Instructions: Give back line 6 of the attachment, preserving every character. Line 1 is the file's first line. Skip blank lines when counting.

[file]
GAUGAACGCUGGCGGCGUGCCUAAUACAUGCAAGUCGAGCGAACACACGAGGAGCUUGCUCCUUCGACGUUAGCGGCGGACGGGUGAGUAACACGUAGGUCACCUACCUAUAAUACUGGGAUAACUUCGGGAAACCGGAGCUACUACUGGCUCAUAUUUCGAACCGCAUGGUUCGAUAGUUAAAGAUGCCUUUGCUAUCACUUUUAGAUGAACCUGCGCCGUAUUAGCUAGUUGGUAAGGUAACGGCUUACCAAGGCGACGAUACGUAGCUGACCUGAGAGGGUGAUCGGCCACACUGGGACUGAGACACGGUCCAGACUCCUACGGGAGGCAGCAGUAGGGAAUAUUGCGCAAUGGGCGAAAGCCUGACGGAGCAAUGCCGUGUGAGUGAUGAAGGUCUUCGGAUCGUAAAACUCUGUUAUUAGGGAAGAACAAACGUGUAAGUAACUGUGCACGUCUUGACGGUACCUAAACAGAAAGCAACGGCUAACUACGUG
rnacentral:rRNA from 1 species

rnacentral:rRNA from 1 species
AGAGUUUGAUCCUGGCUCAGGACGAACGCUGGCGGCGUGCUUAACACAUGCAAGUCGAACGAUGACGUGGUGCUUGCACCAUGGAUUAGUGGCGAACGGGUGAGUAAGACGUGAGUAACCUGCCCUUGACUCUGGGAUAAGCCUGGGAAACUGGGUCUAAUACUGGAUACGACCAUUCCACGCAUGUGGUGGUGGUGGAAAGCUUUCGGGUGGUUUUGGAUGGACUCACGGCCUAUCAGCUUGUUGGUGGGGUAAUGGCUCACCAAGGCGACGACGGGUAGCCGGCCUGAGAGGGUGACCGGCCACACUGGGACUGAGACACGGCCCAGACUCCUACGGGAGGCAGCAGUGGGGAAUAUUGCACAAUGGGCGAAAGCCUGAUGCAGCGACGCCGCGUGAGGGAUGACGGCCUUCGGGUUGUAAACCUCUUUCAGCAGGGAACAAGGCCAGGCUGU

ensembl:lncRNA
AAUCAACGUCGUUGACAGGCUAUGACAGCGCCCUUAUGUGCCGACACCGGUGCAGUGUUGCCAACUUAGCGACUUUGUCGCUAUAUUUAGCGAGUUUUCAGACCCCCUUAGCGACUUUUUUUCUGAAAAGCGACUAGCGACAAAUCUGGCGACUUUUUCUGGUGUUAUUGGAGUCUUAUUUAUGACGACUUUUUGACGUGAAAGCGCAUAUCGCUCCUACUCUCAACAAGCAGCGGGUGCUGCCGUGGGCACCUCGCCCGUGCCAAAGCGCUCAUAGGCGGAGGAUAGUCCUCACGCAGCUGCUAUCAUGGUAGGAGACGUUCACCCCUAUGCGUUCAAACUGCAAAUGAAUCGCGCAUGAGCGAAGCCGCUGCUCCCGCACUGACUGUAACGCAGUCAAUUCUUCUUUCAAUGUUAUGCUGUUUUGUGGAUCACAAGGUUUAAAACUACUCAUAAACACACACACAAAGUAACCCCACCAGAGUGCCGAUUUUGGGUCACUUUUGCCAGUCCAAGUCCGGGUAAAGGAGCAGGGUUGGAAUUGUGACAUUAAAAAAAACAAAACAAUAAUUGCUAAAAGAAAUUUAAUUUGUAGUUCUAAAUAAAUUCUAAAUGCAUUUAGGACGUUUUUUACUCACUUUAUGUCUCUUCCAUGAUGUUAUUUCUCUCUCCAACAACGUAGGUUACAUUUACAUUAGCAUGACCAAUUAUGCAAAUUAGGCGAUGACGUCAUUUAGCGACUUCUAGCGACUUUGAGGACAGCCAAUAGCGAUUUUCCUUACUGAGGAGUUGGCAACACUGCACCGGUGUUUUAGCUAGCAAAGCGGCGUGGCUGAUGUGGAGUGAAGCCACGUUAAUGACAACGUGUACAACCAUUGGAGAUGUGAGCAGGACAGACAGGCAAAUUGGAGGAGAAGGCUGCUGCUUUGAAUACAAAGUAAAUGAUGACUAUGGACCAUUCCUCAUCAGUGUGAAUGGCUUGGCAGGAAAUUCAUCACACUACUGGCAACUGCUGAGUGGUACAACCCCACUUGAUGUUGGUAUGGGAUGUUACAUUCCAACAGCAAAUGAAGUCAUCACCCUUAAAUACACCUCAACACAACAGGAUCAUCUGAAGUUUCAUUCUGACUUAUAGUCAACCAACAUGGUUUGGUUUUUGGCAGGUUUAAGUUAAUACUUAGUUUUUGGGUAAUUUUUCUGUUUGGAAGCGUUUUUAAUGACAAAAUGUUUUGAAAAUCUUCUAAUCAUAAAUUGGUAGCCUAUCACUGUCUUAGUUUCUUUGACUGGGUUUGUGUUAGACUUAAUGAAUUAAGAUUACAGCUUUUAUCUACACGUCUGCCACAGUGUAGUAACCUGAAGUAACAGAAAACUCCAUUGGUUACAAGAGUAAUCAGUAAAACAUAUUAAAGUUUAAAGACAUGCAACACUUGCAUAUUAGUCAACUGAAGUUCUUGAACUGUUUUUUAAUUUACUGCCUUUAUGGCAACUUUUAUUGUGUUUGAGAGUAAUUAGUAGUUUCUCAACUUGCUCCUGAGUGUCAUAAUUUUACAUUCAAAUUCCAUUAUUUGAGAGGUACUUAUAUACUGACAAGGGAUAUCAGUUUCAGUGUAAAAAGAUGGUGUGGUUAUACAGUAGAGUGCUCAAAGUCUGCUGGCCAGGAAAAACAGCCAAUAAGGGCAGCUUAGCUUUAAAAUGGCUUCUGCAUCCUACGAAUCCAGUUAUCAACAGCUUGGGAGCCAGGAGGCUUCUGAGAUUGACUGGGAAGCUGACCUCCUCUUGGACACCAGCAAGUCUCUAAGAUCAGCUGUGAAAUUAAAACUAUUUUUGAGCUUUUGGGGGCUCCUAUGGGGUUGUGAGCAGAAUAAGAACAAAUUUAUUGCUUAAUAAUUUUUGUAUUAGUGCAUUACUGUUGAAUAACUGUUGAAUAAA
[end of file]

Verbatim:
AAUCAACGUCGUUGACAGGCUAUGACAGCGCCCUUAUGUGCCGACACCGGUGCAGUGUUGCCAACUUAGCGACUUUGUCGCUAUAUUUAGCGAGUUUUCAGACCCCCUUAGCGACUUUUUUUCUGAAAAGCGACUAGCGACAAAUCUGGCGACUUUUUCUGGUGUUAUUGGAGUCUUAUUUAUGACGACUUUUUGACGUGAAAGCGCAUAUCGCUCCUACUCUCAACAAGCAGCGGGUGCUGCCGUGGGCACCUCGCCCGUGCCAAAGCGCUCAUAGGCGGAGGAUAGUCCUCACGCAGCUGCUAUCAUGGUAGGAGACGUUCACCCCUAUGCGUUCAAACUGCAAAUGAAUCGCGCAUGAGCGAAGCCGCUGCUCCCGCACUGACUGUAACGCAGUCAAUUCUUCUUUCAAUGUUAUGCUGUUUUGUGGAUCACAAGGUUUAAAACUACUCAUAAACACACACACAAAGUAACCCCACCAGAGUGCCGAUUUUGGGUCACUUUUGCCAGUCCAAGUCCGGGUAAAGGAGCAGGGUUGGAAUUGUGACAUUAAAAAAAACAAAACAAUAAUUGCUAAAAGAAAUUUAAUUUGUAGUUCUAAAUAAAUUCUAAAUGCAUUUAGGACGUUUUUUACUCACUUUAUGUCUCUUCCAUGAUGUUAUUUCUCUCUCCAACAACGUAGGUUACAUUUACAUUAGCAUGACCAAUUAUGCAAAUUAGGCGAUGACGUCAUUUAGCGACUUCUAGCGACUUUGAGGACAGCCAAUAGCGAUUUUCCUUACUGAGGAGUUGGCAACACUGCACCGGUGUUUUAGCUAGCAAAGCGGCGUGGCUGAUGUGGAGUGAAGCCACGUUAAUGACAACGUGUACAACCAUUGGAGAUGUGAGCAGGACAGACAGGCAAAUUGGAGGAGAAGGCUGCUGCUUUGAAUACAAAGUAAAUGAUGACUAUGGACCAUUCCUCAUCAGUGUGAAUGGCUUGGCAGGAAAUUCAUCACACUACUGGCAACUGCUGAGUGGUACAACCCCACUUGAUGUUGGUAUGGGAUGUUACAUUCCAACAGCAAAUGAAGUCAUCACCCUUAAAUACACCUCAACACAACAGGAUCAUCUGAAGUUUCAUUCUGACUUAUAGUCAACCAACAUGGUUUGGUUUUUGGCAGGUUUAAGUUAAUACUUAGUUUUUGGGUAAUUUUUCUGUUUGGAAGCGUUUUUAAUGACAAAAUGUUUUGAAAAUCUUCUAAUCAUAAAUUGGUAGCCUAUCACUGUCUUAGUUUCUUUGACUGGGUUUGUGUUAGACUUAAUGAAUUAAGAUUACAGCUUUUAUCUACACGUCUGCCACAGUGUAGUAACCUGAAGUAACAGAAAACUCCAUUGGUUACAAGAGUAAUCAGUAAAACAUAUUAAAGUUUAAAGACAUGCAACACUUGCAUAUUAGUCAACUGAAGUUCUUGAACUGUUUUUUAAUUUACUGCCUUUAUGGCAACUUUUAUUGUGUUUGAGAGUAAUUAGUAGUUUCUCAACUUGCUCCUGAGUGUCAUAAUUUUACAUUCAAAUUCCAUUAUUUGAGAGGUACUUAUAUACUGACAAGGGAUAUCAGUUUCAGUGUAAAAAGAUGGUGUGGUUAUACAGUAGAGUGCUCAAAGUCUGCUGGCCAGGAAAAACAGCCAAUAAGGGCAGCUUAGCUUUAAAAUGGCUUCUGCAUCCUACGAAUCCAGUUAUCAACAGCUUGGGAGCCAGGAGGCUUCUGAGAUUGACUGGGAAGCUGACCUCCUCUUGGACACCAGCAAGUCUCUAAGAUCAGCUGUGAAAUUAAAACUAUUUUUGAGCUUUUGGGGGCUCCUAUGGGGUUGUGAGCAGAAUAAGAACAAAUUUAUUGCUUAAUAAUUUUUGUAUUAGUGCAUUACUGUUGAAUAACUGUUGAAUAAA